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Jun 10, 2009 12:03 PMPublication: The East Hampton Press

Protest of food pantry benefit concert is canned

Jun 10, 2009 12:03 PM

The East Hampton Town Board on Tuesday agreed to issue a permit for a charity concert in Amagansett on Monday, August 3, that could draw up to 4,000 people.

John Kowalenko, an Amagansett resident who owns The Art of Eating, is organizing the event with the goal of raising up to $100,000 for 10 East End food pantries.

The event will be held on the Principi property, a 21-acre field just east of the IGA on north side of Montauk Highway.

The proposal provoked an angry debate at a packed Amagansett Citizens Advisory Committee meeting on Monday night.

Board members told Mr. Kowalenko on June 2 that it wanted to hear the advisory committee’s opinion before it gave him the go-ahead for the concert. Mr. Kowalenko and Yvonne and Richard Principi attended the advisory committee’s meeting and faced some intense criticism and accusations that Mr. Kowalenko was just trying to make a profit for himself, which brought Ms. Principi to the verge of tears.

Other ACAC members said they were concerned that the concert would set a precedent for other mass gatherings on the property, where Ms. Principi already operates an art gallery and held a one-time drive-in movie a few weeks ago, although she had initially applied to the Town Board for a permit to conduct drive-in movies every week, which the board denied.

“We have no problem with the cause, but the concern is that the property will become a venue for other charities or fund-raisers,” said Betty Mazur, an ACAC member. “That is not acceptable.”

Town Councilman Brad Loewen said that he had preliminary conversations with the Principi family, completely separate from the question of the food pantry fund-raiser, about turning the property into a semi-public space, similar to the Longhouse Reserve. The Principis have not approached the East Hampton Town Planning Board yet about such a change in use.

By the end of the two and a half hour meeting, a majority of committee members voted to support the festival as a one-time event “intended to meet the acute emergency of food pantries” after Mr. Kowalenko said that he would create a nonprofit organization for the festival’s revenues.

Mr. Kowalenko has been involved in many concert events before, including Southampton College’s long-running “All for the Sea” series. He organized a small scale music and food festival last winter, called “Ladles of Love,” when he heard about the desperate state of local food pantries. It raised $7,000 and collected 2,000 pounds of food.

“There are five food pantries within 10 miles that feed almost 2,000 people a month,” Mr. Kowalenko said to the committee on Monday. “That many people that are in need. People are unaware of the needs that are out there in the community.”

Many ACAC members said they supported the cause but worried about the traffic the event would bring, considering the already excessive traffic of the summertime in Amagansett.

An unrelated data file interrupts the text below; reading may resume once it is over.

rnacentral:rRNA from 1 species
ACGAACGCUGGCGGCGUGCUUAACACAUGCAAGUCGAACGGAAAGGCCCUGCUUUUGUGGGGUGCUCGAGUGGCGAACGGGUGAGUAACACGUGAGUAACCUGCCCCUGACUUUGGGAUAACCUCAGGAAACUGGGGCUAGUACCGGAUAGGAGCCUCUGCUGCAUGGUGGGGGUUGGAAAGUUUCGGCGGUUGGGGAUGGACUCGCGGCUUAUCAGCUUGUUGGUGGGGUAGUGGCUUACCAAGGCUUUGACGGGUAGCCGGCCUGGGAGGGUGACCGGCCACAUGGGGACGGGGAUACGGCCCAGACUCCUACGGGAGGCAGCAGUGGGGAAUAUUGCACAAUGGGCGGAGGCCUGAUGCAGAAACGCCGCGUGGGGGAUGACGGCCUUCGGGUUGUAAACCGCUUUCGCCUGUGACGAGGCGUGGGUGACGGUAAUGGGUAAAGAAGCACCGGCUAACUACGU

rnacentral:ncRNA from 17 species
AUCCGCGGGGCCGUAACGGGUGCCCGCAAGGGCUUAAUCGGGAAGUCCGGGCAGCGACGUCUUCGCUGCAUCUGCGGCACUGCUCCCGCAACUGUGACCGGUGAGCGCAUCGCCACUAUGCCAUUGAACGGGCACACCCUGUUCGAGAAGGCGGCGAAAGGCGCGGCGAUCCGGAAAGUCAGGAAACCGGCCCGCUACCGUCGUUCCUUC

“It will decimate this community for that period of time,” said Elaine Miller, a committee member. “Any accident, any injury, is on our heads. This is foolhardy for us to invite 4,000 people to come fool around and get drunk.”

Mr. Kowalenko said he had spoken with the East Hampton Town Police Chief Todd Sarris and Harbormastor Ed Michels, who assured him that they would be able to set up a traffic 
control plan. He also drew up maps that delineated three entrances to the 
property and parking for 2,000 cars. Traffic will also be diverted through two fields.

He said he had worked the overtime pay for town public servants, police and fire departments, into his budget for the event. He will also pay to have on-site ambulances. Mr. Kowalenko said he had interviewed Suffolk County Board of Health officials and made plans for bathrooms that will be trailered in and out, and he said he has talked to parking and security experts that will work with him to set up fencing and control the crowds.

The gates will open at 3 p.m. and the concert will start at 6 p.m. and continue until 9 p.m. He has not yet nailed down the headlining act as he was waiting to find out if he had the permit. “I’m trying to get an act to donate,” he said.

Alcohol will be served only within the V.I.P. section.

Arthur Stein, an Amagansett resident, and other people at the meeting asked how they could be sure Mr. Kowalenko was not making a profit, and how he knew he would be able to cover his expenses and still raise a significant amount of money.

“When this is done,” Mr. Kowalenko said, “we’re more than willing to put together a profit/loss for the community, delineating exactly how much money went to the food pantries.”

Alan Klopman, an ACAC member, asked if a person who buys a ticket for the concert would be able to write it off as a tax deduction. Mr. Kowalenko responded that the account for ticket sales had not been set up as non-profit account.

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God forbid "that the property will become a venue for other charities". Heaven knows we don't want those pesky charities raising money in our neighborhoods
By dagdavid (646), southampton on Jun 10, 09 8:37 AM
The negative ACAC members should hang their heads in shame. What we need is a little more kindness being shared. Like the saying goes, "there is just no cure for stupidity".
By quogue (12), southampton on Jun 10, 09 11:34 AM
NIMBYism at its finest
By nicole (96), Hampton Bays on Jun 12, 09 1:30 PM